Receive goods
Vendor prepares to supply the goods and service to the buyer after receives the PO. Buyer
prepare a receiving record after receive the goods.
Update inventory record
Buyer receive invoice from seller (supplier) and update the inventory records.
Update accounts payables
Buyer updates the accounts payable after the new purchase record.
Sales return & update accounts payables (if need)
Buyer updates the accounts payable if any purchase return occur.
Update General Ledger
Buyer updates the general ledger as per the purchase records.
e) Purchase return process
A purchase return occurs when a buyer returns merchandise that it has purchased from a
supplier.

Rejected goods
from customer

Authorization to
return goods

Document Match

Prepare debit
memo & send to
vendor

Receive credit/
cash from vendor &
update account
payable

Update inventory
record

Update General
Ledger
Rejected goods return from customer
Goods can be return to vendor for various reasons with a authorization of return.
Return goods with a debit memo

Return goods after match with the purchase invoice and send a debit memo to the vendor.
Update account payable, inventory record & general ledger
Update account payable and inventory record after receiving refund or credit memo from
vendor against return.
f) Cash Disbursement process
Cash disbursement means the payment of money against purchase.

Identify the invoice


of due payments

Prepare for
payments

Cheque sign after


document check

Payment to vendor

Update cash record

Update accounts
payable record
Update General
Ledger

Identify the due invoices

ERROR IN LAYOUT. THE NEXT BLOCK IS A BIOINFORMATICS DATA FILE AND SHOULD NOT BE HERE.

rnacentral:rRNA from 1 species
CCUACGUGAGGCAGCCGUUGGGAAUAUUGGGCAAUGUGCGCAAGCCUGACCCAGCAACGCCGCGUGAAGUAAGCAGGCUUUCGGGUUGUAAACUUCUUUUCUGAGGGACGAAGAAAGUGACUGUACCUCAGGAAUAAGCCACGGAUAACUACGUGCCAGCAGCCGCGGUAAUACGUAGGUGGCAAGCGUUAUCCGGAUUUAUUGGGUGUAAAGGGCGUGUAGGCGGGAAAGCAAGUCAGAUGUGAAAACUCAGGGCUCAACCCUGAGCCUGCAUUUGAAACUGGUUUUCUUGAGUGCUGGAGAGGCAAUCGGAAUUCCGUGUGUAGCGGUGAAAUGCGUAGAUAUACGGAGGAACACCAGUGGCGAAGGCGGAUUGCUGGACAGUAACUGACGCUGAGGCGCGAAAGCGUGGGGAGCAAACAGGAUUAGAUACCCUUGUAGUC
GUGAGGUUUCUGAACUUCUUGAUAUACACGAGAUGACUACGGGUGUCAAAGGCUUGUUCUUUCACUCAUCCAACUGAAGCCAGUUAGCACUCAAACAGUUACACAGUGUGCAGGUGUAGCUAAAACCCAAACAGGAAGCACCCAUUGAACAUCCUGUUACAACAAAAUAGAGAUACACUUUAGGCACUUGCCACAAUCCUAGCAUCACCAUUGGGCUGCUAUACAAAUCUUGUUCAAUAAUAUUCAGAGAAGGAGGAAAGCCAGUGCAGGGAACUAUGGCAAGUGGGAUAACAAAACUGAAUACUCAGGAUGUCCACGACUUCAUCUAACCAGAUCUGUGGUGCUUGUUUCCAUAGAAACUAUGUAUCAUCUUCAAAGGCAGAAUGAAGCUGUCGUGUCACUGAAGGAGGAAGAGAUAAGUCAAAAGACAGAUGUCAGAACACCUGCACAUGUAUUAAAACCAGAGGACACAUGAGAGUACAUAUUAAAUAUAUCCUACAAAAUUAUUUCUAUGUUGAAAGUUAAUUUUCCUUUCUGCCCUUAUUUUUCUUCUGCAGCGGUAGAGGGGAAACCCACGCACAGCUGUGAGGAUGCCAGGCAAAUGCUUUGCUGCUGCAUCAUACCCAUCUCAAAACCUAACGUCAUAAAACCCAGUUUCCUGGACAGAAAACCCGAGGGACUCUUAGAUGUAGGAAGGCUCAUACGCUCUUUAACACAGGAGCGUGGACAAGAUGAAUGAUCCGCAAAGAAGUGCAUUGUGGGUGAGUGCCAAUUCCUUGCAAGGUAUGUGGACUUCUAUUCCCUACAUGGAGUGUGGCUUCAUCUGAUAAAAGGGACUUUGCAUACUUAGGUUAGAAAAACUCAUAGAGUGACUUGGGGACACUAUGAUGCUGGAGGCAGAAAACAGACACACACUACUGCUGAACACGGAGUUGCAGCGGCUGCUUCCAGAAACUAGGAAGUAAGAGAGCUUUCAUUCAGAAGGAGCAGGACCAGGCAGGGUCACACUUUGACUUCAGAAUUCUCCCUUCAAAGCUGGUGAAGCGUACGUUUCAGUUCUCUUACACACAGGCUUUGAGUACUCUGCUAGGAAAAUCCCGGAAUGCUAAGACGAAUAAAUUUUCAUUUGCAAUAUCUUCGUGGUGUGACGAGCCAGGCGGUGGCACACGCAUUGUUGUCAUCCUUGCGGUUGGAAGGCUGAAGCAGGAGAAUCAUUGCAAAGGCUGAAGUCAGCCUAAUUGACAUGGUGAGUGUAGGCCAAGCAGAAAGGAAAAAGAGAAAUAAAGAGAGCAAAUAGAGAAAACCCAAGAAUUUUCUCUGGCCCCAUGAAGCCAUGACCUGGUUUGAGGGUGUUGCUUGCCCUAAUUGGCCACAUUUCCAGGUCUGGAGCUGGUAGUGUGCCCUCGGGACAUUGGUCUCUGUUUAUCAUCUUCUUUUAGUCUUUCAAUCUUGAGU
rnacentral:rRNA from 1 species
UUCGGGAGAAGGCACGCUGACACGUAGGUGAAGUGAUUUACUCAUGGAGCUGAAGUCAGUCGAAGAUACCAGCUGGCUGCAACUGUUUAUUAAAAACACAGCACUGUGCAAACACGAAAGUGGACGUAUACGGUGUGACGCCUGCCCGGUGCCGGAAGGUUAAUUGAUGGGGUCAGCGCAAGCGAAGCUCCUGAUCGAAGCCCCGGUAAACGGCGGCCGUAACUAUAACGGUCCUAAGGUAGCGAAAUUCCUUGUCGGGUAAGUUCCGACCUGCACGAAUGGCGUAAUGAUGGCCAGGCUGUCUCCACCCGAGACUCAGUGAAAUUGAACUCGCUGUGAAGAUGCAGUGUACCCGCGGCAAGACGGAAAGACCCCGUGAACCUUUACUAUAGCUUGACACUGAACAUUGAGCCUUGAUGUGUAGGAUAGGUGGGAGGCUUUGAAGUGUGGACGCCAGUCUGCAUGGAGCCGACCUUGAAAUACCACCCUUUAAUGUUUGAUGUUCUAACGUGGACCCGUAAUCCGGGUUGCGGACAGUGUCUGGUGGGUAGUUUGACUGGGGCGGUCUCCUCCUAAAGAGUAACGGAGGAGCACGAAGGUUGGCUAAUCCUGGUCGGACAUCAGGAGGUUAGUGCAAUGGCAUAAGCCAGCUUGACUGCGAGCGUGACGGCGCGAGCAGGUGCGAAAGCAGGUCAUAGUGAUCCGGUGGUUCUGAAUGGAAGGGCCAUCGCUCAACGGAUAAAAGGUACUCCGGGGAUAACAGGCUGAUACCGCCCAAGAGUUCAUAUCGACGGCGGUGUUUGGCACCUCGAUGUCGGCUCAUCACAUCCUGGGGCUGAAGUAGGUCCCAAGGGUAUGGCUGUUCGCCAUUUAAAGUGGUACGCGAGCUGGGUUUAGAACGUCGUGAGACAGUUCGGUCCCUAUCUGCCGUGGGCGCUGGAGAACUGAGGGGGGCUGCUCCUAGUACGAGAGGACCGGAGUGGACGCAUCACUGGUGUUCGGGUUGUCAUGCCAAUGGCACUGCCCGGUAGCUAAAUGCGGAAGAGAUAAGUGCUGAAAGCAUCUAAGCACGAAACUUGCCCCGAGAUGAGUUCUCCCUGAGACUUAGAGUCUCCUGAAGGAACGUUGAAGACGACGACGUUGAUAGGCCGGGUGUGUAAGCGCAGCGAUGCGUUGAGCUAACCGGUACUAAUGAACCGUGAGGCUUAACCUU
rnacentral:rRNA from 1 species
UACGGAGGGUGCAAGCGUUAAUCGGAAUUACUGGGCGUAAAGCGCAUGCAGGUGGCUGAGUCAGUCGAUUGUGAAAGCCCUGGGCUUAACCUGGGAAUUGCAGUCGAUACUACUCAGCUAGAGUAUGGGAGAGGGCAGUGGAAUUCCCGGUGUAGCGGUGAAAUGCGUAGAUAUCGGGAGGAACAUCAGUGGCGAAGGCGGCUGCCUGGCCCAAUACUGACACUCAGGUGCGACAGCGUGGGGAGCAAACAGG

Identify the vendors invoices which payment is still due and prepare for payment.
Payment to vendor and update the cash record
Payment of the vendor against the due payments after cheque sign and update the cash
records.
Update account payable and general ledger
Account payable and general ledger accounts will upgrade after payment to vendor.

g) Payroll process
The payroll is the amount of money that a company pays its employees at any given time.
Sometimes every two weeks, or sometimes once every month

Time sheet submit


by the employee

Working hour
correction and
approve the time
sheet

Prepare payroll
register

Prepare payroll
Voucher

Transfer fund to
payroll bank
account

Update general
ledger

Time sheet submission & checking


Employee submits there time sheet where there working time was recorded. Authority
will approve that after checking/correction the working hours.
Prepare payroll register & voucher
The payroll register will prepare as per the corrected working hours.
Payroll voucher and transfer fund in payroll bank
Payroll voucher will create as per the payroll register. The fund will transfer to the payroll
bank and update general ledger.
3. Conversion: